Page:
The network visualization tool Gephi, which recently received recognition from Oracle as an exemplary Java project, provides an enormously powerful toolbox for visualizing and analyzing network data such as the kind found in the new Mapping the Republic of Letters database. Like any powerful tool, Gephi provides such arresting visuals that it makes me feel like I need to spend the rest of the year figuring out just what, exactly those visuals are. Force-based algorithms arrange graph data by assigning attractive and repulsive forces to a node based on the number and quality of its connections. The result can be rather stunning.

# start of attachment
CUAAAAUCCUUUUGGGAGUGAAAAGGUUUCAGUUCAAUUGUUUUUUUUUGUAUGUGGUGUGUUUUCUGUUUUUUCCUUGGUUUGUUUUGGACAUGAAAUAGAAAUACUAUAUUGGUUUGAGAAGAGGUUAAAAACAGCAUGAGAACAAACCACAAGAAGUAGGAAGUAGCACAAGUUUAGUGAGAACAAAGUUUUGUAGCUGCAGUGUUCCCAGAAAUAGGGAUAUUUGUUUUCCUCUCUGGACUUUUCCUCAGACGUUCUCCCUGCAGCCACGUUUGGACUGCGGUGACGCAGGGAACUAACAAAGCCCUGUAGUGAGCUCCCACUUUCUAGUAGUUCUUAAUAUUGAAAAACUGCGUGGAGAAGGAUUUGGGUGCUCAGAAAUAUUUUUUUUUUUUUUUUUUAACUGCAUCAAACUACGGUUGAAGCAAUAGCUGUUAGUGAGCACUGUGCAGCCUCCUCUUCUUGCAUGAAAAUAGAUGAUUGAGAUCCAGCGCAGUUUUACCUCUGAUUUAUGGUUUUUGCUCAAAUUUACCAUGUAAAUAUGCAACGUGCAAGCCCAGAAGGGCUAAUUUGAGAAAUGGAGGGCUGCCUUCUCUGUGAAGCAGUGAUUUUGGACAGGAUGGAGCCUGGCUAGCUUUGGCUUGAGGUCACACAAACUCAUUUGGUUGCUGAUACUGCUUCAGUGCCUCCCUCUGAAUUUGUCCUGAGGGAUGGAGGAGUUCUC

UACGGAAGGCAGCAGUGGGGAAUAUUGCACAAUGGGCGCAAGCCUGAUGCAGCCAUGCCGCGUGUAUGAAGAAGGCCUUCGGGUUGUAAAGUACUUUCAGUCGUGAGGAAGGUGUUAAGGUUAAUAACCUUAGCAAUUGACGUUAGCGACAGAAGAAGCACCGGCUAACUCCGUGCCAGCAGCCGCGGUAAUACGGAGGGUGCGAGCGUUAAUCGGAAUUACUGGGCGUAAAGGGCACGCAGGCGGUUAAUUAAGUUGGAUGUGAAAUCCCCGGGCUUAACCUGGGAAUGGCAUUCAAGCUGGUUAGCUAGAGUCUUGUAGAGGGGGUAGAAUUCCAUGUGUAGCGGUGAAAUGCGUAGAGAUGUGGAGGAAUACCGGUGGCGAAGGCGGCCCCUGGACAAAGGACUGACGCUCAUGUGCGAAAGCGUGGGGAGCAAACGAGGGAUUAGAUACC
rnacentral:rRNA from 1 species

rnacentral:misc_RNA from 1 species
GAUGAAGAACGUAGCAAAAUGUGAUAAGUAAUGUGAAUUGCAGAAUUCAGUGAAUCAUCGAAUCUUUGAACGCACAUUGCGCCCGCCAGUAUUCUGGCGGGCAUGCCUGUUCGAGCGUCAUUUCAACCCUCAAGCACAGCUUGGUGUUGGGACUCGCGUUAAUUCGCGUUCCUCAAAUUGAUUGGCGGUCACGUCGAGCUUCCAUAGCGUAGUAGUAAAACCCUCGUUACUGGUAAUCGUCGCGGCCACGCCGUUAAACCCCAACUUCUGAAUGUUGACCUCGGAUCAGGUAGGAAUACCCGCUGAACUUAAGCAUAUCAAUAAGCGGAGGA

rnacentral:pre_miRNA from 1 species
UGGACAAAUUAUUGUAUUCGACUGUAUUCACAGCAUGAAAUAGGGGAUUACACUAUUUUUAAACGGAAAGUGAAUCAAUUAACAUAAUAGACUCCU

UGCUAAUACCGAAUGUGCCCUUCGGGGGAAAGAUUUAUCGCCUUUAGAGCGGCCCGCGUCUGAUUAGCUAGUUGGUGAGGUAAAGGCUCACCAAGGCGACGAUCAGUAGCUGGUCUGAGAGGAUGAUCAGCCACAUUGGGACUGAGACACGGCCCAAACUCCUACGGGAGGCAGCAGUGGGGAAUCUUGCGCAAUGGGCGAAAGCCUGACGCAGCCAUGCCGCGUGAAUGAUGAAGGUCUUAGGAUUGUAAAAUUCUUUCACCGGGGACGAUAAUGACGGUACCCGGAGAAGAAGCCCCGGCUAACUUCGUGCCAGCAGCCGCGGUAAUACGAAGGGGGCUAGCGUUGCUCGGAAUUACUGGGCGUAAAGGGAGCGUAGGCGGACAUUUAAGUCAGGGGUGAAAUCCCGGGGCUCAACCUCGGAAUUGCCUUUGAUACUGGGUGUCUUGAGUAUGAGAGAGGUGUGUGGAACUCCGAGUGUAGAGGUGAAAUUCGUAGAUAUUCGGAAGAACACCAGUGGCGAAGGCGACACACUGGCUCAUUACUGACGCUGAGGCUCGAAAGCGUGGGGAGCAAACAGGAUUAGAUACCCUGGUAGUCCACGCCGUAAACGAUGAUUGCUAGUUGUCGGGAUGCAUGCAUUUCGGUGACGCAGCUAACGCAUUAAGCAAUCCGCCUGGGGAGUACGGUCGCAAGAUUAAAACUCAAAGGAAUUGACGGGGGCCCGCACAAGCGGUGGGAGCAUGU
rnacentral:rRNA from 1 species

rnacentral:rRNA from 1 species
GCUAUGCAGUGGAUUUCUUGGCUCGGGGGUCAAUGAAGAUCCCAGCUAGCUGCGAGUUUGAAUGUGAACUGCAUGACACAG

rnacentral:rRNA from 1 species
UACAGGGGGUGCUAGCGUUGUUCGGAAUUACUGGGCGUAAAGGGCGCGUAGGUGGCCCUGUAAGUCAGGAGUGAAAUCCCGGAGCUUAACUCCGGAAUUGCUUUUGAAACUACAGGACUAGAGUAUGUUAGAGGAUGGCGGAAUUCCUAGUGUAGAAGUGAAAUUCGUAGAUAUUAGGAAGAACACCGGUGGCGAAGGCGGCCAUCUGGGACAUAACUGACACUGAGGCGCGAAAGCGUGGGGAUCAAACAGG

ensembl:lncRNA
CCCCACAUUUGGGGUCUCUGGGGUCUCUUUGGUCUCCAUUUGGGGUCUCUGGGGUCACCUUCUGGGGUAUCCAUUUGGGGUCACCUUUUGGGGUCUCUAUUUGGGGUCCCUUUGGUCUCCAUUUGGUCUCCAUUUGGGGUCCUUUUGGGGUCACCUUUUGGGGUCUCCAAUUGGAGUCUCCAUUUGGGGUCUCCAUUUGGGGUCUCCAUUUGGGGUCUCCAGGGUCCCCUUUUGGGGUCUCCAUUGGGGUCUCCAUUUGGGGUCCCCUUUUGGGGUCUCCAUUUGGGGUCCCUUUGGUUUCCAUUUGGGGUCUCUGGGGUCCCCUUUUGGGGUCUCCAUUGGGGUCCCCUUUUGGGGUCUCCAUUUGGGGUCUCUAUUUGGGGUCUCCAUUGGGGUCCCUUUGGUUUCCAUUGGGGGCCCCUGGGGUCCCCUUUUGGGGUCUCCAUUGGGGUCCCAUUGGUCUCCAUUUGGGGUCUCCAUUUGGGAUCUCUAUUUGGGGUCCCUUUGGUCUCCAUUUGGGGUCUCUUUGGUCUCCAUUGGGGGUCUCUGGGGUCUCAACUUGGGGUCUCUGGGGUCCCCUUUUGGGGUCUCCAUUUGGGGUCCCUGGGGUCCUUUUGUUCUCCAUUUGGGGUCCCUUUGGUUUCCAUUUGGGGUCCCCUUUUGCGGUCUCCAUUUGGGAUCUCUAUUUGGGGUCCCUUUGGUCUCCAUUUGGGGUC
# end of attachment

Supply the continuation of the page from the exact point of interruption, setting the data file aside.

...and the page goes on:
The image above is a large (but not complete) sample of Benjamin Franklin’s correspondence from the Mapping the Republic of Letters database. Franklin himself exists at the bottom left, and the more popular recipients of his letters occupy a more distant orbit around the teal cluster that differentiates the various locations where letters were sent to and from. The three major locational clusters, surrounded by small islands of letters oriented to exist between the locations and actors involved in the letter, are Philadelphia, London and Passy. Smaller locational clusters nest around these and various less common recipients of Franklin’s letters are buffeted to and fro on mathematical eddies, sometimes nested between larger authorities and sometimes flung far from the locational centers. I’m only just getting started with Gephi and serious graph visualization, and cannot do more than a rough interpretation of the results of this particular algorithm. I will note that the process to get this 5000 node and 30000 edge Franklin network to the shape above required 3GB of RAM and a dedicated processor and 12 hours. I’m currently running the much larger Voltaire network and in 18 hours it has only just begun to take shape.